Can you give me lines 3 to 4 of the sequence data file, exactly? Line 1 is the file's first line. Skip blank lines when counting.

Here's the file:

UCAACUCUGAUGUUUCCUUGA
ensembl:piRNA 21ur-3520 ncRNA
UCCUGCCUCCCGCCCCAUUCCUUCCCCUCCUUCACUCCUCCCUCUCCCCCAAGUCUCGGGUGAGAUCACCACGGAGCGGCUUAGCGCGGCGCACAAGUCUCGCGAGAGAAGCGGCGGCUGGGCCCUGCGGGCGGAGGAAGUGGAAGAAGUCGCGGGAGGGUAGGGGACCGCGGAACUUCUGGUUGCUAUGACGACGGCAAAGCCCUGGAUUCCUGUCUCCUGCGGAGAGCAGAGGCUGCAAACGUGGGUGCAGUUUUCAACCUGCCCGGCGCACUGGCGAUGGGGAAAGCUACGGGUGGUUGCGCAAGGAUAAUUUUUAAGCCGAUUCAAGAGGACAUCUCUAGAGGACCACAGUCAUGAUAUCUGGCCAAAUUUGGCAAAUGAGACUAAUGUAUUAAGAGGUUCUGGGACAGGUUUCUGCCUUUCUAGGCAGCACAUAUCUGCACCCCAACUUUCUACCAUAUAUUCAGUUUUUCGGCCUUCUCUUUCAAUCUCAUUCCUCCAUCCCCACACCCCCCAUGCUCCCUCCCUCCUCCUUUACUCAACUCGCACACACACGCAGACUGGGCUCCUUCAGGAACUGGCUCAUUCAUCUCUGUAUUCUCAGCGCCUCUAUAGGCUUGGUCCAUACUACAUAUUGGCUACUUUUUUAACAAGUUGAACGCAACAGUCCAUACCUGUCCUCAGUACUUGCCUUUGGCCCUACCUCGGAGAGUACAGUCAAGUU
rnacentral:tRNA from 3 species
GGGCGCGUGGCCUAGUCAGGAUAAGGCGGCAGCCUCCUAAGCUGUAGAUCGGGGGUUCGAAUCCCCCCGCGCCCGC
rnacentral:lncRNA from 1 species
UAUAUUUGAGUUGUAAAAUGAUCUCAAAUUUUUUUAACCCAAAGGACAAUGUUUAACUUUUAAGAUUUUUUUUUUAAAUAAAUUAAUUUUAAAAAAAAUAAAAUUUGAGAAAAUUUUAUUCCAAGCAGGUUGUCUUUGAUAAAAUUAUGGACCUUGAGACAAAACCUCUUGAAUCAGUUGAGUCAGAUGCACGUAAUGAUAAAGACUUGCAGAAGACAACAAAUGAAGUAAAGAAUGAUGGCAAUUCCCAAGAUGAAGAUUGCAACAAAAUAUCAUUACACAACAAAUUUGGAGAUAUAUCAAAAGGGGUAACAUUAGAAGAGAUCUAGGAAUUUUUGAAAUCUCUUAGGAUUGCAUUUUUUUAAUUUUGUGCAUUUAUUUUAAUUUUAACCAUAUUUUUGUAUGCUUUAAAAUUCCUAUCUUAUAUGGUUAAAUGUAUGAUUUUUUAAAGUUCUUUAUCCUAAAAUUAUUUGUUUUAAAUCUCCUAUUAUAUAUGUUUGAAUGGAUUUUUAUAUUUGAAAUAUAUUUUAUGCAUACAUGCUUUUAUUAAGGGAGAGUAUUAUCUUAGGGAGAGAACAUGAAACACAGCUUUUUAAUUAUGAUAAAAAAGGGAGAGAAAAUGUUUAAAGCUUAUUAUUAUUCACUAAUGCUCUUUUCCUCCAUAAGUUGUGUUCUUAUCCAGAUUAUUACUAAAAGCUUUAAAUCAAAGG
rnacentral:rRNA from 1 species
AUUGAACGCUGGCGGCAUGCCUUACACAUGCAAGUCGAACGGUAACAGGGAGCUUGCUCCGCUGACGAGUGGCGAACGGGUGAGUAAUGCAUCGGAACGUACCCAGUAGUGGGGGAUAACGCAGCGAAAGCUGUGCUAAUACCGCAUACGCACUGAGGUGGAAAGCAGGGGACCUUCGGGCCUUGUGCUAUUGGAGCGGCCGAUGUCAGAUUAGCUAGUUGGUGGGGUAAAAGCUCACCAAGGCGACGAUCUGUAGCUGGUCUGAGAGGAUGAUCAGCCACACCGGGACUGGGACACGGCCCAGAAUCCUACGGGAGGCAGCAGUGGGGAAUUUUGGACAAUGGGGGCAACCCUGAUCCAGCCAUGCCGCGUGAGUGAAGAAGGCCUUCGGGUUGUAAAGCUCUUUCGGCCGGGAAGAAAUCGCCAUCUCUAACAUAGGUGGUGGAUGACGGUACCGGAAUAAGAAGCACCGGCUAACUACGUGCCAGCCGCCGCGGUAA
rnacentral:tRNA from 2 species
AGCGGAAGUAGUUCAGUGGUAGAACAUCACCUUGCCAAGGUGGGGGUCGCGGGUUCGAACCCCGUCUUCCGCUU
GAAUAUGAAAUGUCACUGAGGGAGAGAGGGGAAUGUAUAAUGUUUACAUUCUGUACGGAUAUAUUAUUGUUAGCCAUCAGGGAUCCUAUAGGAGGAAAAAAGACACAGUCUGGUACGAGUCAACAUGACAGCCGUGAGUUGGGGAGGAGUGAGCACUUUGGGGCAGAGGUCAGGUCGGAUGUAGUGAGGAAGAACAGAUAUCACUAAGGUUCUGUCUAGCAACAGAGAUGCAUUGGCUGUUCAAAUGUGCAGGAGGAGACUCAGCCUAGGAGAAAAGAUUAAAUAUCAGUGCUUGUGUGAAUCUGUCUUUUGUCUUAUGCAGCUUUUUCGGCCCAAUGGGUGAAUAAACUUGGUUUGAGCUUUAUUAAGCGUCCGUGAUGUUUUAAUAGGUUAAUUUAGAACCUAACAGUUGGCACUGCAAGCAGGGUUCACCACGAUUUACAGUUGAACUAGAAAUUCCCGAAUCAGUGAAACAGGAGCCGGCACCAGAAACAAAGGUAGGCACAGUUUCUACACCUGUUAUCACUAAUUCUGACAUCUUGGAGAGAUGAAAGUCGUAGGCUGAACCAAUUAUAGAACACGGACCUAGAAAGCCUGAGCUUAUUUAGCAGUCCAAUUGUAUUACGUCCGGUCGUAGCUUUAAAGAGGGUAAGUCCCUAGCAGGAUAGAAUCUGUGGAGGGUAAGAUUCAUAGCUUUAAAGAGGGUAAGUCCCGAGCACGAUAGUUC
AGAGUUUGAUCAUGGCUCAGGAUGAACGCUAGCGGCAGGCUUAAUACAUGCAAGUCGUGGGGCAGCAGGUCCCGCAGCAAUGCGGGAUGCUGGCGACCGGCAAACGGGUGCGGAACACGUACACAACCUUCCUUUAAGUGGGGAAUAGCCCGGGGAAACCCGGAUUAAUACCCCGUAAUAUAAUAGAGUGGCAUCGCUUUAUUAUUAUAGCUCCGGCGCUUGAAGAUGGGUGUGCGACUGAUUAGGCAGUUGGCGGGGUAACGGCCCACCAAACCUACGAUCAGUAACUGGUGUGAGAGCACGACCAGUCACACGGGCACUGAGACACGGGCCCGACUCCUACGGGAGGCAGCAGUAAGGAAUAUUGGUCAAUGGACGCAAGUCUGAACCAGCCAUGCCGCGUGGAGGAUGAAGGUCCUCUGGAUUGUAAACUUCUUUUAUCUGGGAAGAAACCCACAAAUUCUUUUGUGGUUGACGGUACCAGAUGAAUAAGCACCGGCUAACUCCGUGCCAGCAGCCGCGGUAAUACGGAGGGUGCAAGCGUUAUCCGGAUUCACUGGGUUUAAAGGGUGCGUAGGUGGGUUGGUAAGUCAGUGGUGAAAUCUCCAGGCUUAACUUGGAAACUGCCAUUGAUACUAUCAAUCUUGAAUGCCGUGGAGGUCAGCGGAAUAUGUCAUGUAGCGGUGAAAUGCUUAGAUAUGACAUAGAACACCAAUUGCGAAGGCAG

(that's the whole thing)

UCCUGCCUCCCGCCCCAUUCCUUCCCCUCCUUCACUCCUCCCUCUCCCCCAAGUCUCGGGUGAGAUCACCACGGAGCGGCUUAGCGCGGCGCACAAGUCUCGCGAGAGAAGCGGCGGCUGGGCCCUGCGGGCGGAGGAAGUGGAAGAAGUCGCGGGAGGGUAGGGGACCGCGGAACUUCUGGUUGCUAUGACGACGGCAAAGCCCUGGAUUCCUGUCUCCUGCGGAGAGCAGAGGCUGCAAACGUGGGUGCAGUUUUCAACCUGCCCGGCGCACUGGCGAUGGGGAAAGCUACGGGUGGUUGCGCAAGGAUAAUUUUUAAGCCGAUUCAAGAGGACAUCUCUAGAGGACCACAGUCAUGAUAUCUGGCCAAAUUUGGCAAAUGAGACUAAUGUAUUAAGAGGUUCUGGGACAGGUUUCUGCCUUUCUAGGCAGCACAUAUCUGCACCCCAACUUUCUACCAUAUAUUCAGUUUUUCGGCCUUCUCUUUCAAUCUCAUUCCUCCAUCCCCACACCCCCCAUGCUCCCUCCCUCCUCCUUUACUCAACUCGCACACACACGCAGACUGGGCUCCUUCAGGAACUGGCUCAUUCAUCUCUGUAUUCUCAGCGCCUCUAUAGGCUUGGUCCAUACUACAUAUUGGCUACUUUUUUAACAAGUUGAACGCAACAGUCCAUACCUGUCCUCAGUACUUGCCUUUGGCCCUACCUCGGAGAGUACAGUCAAGUU
rnacentral:tRNA from 3 species